"The Austrian historian Vickenhauzer asserted that an CoA was given to Chernivtsi in 1784. On the CoA there was a picture of open argent gate in the opening of which is an imperial eagle (the CoA of the ruling house of the Gabsburgers). On the eagle there was a Gotic gules shield per fess in the middle by an argent beam. In 1784 there was also made the first seal of the town. It was oval, the size 40x45 mm and round the seal there was an inscription in German "Chernivtsi, town. A seal 1784". In the center there was an open gate with seven embattlements. Over them eight (four in a row) stones. In the center of the opening of the gate there was an imperial eagle. Under the gate two laurel branches in cross.On the 30th of April 1908 before celebrating the 500 anniversary of the first written mention about Chernivtsi the magistrate of the town appealed to the Ministry of Internal Affairs of Austro-Hungary with a request to give the first town Coat of Arms of 1784. The town was given a patent for the Coat of Arms - in a gules shield an open town stone gate crowned with seven embattlements. Over the embattlements there are eight stones in two rows (four stones in each). The stones of the upper row were somewhat smaller than the stones of the lower row. In the open gate a or double-headed eagle with an or crown on each head. In its dexter foot the eagle hold a sword, in its sinister foot there was a ball (a symbol of power). On the eagle's chest there was an escutcheon per fess with an argent line and entwined with the Order of the Golden Fleece. Over the eagle an imperial crown. The two laurel branches in cross - under the town gate and entwined with a gules-and-white ribbon. Vickenhauzer doesn't explain any reason of using the mentioned symbols in creating the Coat of Arms. Maybe they were characteristic of the town since the days of Galyts'ka (Chervona) Rus'."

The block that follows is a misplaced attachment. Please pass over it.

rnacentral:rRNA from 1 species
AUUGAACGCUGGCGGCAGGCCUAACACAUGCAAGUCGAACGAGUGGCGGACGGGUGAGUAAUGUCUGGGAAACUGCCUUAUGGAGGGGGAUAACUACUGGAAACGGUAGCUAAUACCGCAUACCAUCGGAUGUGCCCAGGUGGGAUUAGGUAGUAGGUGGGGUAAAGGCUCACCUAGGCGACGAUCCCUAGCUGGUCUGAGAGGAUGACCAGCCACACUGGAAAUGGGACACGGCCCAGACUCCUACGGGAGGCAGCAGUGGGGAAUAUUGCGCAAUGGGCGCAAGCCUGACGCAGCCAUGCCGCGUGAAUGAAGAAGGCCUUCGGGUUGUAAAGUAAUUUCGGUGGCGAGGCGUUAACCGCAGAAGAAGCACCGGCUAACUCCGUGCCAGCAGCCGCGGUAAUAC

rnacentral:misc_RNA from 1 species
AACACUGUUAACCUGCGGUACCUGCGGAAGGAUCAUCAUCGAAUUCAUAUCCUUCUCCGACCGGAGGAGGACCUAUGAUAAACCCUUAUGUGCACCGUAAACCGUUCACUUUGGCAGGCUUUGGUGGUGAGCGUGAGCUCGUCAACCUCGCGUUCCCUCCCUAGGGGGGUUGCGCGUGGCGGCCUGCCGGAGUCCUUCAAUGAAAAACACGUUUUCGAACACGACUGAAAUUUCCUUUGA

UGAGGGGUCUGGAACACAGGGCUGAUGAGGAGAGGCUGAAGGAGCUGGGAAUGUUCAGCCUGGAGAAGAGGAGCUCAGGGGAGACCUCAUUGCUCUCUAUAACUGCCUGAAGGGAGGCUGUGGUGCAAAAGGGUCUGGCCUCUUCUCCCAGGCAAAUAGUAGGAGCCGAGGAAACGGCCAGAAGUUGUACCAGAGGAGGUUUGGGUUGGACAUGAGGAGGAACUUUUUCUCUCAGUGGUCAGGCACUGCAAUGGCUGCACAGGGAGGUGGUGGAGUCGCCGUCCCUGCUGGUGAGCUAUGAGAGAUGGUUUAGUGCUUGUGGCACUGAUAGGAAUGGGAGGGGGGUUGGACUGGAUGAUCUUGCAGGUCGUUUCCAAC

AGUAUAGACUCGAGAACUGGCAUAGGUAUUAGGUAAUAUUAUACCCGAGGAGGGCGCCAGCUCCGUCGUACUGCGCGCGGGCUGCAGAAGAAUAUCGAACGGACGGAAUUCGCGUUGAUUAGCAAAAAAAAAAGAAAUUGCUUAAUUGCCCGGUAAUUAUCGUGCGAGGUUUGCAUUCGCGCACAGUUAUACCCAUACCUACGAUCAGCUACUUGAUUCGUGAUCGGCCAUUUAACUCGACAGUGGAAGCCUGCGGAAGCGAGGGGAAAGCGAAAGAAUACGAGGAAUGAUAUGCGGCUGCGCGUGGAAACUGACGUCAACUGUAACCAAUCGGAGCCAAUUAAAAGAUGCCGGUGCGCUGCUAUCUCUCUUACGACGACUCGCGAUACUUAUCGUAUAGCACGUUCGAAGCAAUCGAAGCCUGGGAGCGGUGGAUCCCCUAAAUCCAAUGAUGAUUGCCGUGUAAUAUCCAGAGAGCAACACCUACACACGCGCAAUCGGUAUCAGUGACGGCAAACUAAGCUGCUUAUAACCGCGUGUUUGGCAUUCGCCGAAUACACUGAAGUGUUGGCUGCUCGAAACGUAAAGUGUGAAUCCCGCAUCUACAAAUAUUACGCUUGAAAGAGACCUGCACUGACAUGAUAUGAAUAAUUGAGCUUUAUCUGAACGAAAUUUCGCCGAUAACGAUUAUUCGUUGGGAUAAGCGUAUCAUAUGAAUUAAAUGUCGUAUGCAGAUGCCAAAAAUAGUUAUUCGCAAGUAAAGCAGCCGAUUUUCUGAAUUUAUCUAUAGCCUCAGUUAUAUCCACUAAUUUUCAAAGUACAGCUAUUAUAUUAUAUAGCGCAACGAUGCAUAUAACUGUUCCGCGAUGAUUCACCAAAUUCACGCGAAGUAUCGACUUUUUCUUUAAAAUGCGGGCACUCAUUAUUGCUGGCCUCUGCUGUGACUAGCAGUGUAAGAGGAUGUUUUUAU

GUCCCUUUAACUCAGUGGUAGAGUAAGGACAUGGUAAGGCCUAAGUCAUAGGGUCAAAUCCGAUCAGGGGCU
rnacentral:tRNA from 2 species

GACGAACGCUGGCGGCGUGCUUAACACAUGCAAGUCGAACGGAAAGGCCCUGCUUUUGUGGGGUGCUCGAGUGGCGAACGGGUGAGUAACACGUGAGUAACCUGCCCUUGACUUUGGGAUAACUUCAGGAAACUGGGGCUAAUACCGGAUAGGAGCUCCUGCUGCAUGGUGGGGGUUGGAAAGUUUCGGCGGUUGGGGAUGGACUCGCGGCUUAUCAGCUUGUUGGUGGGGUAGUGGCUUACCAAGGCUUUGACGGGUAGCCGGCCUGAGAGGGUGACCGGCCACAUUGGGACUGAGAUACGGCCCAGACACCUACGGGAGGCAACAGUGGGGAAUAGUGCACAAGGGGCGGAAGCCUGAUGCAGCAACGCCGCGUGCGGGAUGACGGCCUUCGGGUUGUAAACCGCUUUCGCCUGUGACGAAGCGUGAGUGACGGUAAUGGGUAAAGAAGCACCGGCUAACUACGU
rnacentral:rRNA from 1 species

The Coat of Arms of the Romanian period (1918-1940, 1941-1944):
"In 1918-1940 Chernivtsi were under the Romanian jurisdiction and the Coat of Arms didn't change much. In a gules field there was a fortress with embattlements and with two rectangular towers. The fortress had an open gate with an Coat of Arms of Moldova. In chief between the towers there was an or rose. The shield is crowned with an argent mauerkrone with seven embattlements."

The soviet Coat of Arms:
"In an azure shield is a gules arc with or sickle and hammer. There is argent mountains in arc. In the bottom of shield is vert branches of beech and two argent wave barrulets."

The first mention of the city is from 1408.

Some of the names of the city: Chernivtsi in Ukrainian, Czernowitz or Tschernowitz in German, Cerna~uti in Romanian, Chernovcy or Chernovicy in Russian, Czerniowce in Polish, Csernovic in Hungarian, Tshernevits or Tshernovits in jiddis.
Istvan Molnar, 6 July 2000